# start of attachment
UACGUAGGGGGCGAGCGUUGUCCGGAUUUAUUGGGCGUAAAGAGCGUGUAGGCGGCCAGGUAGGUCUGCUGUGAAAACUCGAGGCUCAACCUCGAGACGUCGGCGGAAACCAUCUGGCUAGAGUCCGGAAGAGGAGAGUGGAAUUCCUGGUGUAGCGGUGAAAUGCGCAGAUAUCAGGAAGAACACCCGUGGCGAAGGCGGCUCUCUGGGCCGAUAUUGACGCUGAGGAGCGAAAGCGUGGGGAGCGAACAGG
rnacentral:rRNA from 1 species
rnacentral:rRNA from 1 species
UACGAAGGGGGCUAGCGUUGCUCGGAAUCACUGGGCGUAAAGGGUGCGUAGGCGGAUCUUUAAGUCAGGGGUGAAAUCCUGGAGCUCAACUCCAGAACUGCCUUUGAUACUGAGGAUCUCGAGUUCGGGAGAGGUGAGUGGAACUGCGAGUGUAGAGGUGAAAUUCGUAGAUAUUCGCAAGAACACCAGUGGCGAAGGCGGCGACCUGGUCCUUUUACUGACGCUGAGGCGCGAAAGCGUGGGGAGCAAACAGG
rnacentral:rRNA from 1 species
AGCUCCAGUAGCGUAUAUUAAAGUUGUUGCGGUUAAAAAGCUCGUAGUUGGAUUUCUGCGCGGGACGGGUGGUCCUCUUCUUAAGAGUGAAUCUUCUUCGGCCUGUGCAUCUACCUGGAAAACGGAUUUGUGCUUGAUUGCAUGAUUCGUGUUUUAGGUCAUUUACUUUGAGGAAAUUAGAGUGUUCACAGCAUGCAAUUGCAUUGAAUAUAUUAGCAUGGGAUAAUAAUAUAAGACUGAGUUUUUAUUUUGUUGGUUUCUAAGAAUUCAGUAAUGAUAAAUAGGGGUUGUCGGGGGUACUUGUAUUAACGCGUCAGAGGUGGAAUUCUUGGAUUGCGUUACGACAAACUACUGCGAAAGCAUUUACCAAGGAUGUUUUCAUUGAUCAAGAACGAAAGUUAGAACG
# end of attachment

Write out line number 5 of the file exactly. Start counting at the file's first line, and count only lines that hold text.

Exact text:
rnacentral:rRNA from 1 species